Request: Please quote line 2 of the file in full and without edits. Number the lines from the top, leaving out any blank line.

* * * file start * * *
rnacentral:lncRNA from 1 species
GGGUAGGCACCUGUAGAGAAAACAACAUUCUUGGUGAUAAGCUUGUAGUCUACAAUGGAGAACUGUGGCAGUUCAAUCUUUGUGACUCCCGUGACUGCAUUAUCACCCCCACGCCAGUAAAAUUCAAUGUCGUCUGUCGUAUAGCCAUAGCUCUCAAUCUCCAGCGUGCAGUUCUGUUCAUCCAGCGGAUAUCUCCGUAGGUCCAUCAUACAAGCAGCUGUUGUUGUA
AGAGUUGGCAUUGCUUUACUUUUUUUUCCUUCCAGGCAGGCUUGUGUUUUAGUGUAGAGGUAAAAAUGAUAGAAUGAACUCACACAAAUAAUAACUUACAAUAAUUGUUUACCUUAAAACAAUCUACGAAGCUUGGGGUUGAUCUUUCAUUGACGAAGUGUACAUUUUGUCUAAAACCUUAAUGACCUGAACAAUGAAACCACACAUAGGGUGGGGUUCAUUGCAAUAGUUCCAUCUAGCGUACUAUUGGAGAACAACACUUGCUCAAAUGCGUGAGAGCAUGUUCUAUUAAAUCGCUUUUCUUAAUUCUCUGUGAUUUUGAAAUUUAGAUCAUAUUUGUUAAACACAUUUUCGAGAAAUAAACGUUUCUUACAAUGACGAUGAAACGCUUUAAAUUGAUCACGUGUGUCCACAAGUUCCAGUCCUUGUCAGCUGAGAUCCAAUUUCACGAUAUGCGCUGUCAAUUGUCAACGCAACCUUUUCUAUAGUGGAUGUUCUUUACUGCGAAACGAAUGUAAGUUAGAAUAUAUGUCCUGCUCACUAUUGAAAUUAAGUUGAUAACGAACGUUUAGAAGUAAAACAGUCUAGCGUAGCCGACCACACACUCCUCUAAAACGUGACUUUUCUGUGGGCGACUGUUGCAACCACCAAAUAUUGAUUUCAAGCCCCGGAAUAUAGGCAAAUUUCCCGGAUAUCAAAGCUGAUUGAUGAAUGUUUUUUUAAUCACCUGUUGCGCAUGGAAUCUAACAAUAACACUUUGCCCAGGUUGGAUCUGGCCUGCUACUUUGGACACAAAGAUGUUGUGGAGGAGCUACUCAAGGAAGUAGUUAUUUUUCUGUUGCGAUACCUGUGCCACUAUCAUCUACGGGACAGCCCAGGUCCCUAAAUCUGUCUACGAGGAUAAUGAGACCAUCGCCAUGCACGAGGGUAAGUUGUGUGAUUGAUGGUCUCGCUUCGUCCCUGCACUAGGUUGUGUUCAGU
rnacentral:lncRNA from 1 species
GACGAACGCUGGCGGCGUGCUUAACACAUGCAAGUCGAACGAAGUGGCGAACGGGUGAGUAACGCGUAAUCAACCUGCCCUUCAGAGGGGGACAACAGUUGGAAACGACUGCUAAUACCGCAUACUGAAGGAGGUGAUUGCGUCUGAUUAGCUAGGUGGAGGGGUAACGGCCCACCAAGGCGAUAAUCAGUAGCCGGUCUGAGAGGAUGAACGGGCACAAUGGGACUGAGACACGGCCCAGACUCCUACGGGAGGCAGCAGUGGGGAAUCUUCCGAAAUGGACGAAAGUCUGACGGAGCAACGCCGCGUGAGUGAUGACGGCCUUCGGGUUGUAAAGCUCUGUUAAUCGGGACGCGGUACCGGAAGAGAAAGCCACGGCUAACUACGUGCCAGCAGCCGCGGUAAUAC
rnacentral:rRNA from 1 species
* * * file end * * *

GGGUAGGCACCUGUAGAGAAAACAACAUUCUUGGUGAUAAGCUUGUAGUCUACAAUGGAGAACUGUGGCAGUUCAAUCUUUGUGACUCCCGUGACUGCAUUAUCACCCCCACGCCAGUAAAAUUCAAUGUCGUCUGUCGUAUAGCCAUAGCUCUCAAUCUCCAGCGUGCAGUUCUGUUCAUCCAGCGGAUAUCUCCGUAGGUCCAUCAUACAAGCAGCUGUUGUUGUA